Most kids learn the basics of money and making change in grammar school, but probably won't learn how to manage money unless they choose finance as a career path. That means it is up to all of us to see that our children reach adulthood prepared to face life's fiscal challenges. My favorite thing to hear from my kids when I told them I didn't have the cash to buy them what they wanted is 'you still have money just go to the bank and take out cash from the ATM!' This is when I knew it was time to start the basics of how money worked! I made the choice a few years ago to open life policies for my two younger children. Some reaction's I got from my family was; why would you open life policies for your kids? To them it seemed morbid.
Well, the answer is simple. I opened the life policies for my kids to save for their college fund. Some life policies allow you to add money so you can accumulate cash value. This cash value grows with time and will allow my kids to use it for college when they are ready. This money is also accumulating tax free, which is a huge benefit. I will talk more about insurance and it's benefits at another time.
At the time that I open these policies, I let both my children know what they were for and gave them a simple lesson on how their policies worked. Now, whenever I mention the life policies, my son asks, "how much money do I have now?" For Christmas, I decided to buy both my kids the book; Rich Dad's Escape From The Rat Race, by Robert Kiyosaki. My daughter zipped through the book in a couple of days and could tell me exactly what it was about.
I was amazed that she learned the exact things I did when I read the adult version or Rich Dad, Poor Dad. This was fantastic! When I was a child, I was not taught about money. All I knew, as a child was money was tight. I could feel it, but had no idea what that meant. When I left my parents house to go off on my own, I remember learning very quickly that you could not spend your paycheck on the weekend and still have money to eat for the next two weeks! I will never forget opening two credit cards at the age of 18.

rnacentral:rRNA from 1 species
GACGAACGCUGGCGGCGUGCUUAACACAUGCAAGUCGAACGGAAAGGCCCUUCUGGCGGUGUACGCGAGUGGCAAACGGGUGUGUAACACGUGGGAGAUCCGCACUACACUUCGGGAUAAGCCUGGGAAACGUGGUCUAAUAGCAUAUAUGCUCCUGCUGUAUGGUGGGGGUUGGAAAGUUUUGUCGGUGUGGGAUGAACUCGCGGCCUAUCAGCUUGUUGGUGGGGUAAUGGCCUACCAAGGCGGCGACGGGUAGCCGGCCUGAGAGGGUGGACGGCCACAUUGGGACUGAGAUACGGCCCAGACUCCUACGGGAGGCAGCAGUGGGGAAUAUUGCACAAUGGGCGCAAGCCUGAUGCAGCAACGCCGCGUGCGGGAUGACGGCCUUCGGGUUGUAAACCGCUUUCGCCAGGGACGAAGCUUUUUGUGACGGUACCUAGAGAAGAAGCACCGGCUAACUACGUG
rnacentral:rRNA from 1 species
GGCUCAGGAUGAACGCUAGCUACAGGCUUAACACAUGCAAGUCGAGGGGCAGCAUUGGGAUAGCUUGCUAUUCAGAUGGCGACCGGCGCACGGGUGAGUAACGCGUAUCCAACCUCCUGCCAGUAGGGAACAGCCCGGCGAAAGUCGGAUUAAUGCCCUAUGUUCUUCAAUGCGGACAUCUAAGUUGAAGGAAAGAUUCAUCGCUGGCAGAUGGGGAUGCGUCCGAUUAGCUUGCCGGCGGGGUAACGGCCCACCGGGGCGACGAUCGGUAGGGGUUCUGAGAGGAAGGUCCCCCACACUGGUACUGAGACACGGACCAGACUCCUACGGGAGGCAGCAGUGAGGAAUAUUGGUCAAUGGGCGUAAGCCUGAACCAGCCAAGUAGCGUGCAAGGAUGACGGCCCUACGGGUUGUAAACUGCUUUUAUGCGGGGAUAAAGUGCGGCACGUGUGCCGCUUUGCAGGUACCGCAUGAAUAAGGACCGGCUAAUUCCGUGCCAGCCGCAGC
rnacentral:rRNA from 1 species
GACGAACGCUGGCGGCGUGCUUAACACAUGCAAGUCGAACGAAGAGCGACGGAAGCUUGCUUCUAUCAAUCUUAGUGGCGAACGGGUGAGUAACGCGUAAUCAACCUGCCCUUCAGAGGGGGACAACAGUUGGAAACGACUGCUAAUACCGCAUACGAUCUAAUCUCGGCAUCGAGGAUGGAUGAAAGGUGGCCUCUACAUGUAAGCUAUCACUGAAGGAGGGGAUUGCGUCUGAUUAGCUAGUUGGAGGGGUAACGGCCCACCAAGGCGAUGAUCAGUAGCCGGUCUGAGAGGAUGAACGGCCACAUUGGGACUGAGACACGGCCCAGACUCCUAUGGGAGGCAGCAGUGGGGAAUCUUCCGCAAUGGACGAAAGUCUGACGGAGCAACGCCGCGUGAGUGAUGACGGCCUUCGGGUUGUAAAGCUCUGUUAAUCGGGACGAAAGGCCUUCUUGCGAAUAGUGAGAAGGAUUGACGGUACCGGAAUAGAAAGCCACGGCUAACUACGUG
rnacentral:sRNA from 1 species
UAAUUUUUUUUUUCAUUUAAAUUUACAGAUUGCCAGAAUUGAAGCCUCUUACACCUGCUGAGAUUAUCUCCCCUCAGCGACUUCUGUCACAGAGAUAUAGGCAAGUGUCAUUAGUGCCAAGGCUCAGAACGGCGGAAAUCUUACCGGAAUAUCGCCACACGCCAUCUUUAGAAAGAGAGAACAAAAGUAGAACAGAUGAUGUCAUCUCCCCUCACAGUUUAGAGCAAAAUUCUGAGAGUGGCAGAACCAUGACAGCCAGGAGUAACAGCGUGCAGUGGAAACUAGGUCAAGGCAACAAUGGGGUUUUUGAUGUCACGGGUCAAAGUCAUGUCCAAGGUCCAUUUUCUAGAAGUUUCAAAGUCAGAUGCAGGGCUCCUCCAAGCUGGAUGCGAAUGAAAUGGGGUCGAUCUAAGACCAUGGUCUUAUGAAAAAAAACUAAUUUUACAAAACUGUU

I thought someone had given me the keys to financial freedom. I quickly maxed both cards out to furnish my apartment. Then, when the bills came in the mail, I was surprised, and thought; how was I going to pay for this? Through my own trial and error, I decided that I would make sure that my children would have a financial education before they left home. The younger you start the better.
So my question to you is, do you take time to educate your children about money? Here are some suggestions: 1. Get a piggy bank and start collecting coins and fill it up. Once they have about $10-$20 accumulated, open a savings account with your child.
Make deposits together and be sure to make it a very positive experience. Some banks have a savings account just for kids. 2.
Buy books that will educate them at their age level. I highly recommend the Rich Dad's Escape From The Rat Race when they are old enough to read. 3. Explain to your children that money is earned by working, and that you can only spend what you earn. Very important to know before you leave home! 4.
Give your child an allowance. You might consider paying your children for chores outside of daily duties, such as helping to rake leaves or wash the family car. If they are anything like my kids, they have a goal in mind and will help out to accomplish that goal. This makes doing the chores more fun! 5. When your children get older, you can then advance into teaching them about a checking account. Teach them how to balance a checking account so they know how to do it on their own.
This will stop the, I still have checks left, so I must have money in the bank, syndrome! Teaching your children about our financial system may seem daunting, but you can help put your child on the right track by encouraging smart habits now. Is it worth your time and effort to help your children learn about money? YES, answering your children's questions honestly and in terms they'll understand can help them begin life on sound financial footing.
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